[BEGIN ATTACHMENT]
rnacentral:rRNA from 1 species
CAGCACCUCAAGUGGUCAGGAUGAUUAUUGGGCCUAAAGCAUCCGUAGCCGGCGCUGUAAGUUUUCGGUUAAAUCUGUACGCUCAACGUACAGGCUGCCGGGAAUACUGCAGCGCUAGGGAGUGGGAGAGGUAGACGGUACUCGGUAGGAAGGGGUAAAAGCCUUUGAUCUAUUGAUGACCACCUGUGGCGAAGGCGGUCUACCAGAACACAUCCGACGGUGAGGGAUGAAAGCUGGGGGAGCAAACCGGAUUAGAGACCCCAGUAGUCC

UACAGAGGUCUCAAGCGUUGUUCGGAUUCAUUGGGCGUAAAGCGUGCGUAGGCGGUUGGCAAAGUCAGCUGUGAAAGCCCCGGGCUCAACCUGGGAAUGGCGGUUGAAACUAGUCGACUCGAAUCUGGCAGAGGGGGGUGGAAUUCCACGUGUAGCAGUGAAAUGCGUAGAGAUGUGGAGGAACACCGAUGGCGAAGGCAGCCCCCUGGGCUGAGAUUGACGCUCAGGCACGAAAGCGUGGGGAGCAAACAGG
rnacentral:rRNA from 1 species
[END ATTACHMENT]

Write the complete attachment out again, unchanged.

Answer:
rnacentral:rRNA from 1 species
CAGCACCUCAAGUGGUCAGGAUGAUUAUUGGGCCUAAAGCAUCCGUAGCCGGCGCUGUAAGUUUUCGGUUAAAUCUGUACGCUCAACGUACAGGCUGCCGGGAAUACUGCAGCGCUAGGGAGUGGGAGAGGUAGACGGUACUCGGUAGGAAGGGGUAAAAGCCUUUGAUCUAUUGAUGACCACCUGUGGCGAAGGCGGUCUACCAGAACACAUCCGACGGUGAGGGAUGAAAGCUGGGGGAGCAAACCGGAUUAGAGACCCCAGUAGUCC

UACAGAGGUCUCAAGCGUUGUUCGGAUUCAUUGGGCGUAAAGCGUGCGUAGGCGGUUGGCAAAGUCAGCUGUGAAAGCCCCGGGCUCAACCUGGGAAUGGCGGUUGAAACUAGUCGACUCGAAUCUGGCAGAGGGGGGUGGAAUUCCACGUGUAGCAGUGAAAUGCGUAGAGAUGUGGAGGAACACCGAUGGCGAAGGCAGCCCCCUGGGCUGAGAUUGACGCUCAGGCACGAAAGCGUGGGGAGCAAACAGG
rnacentral:rRNA from 1 species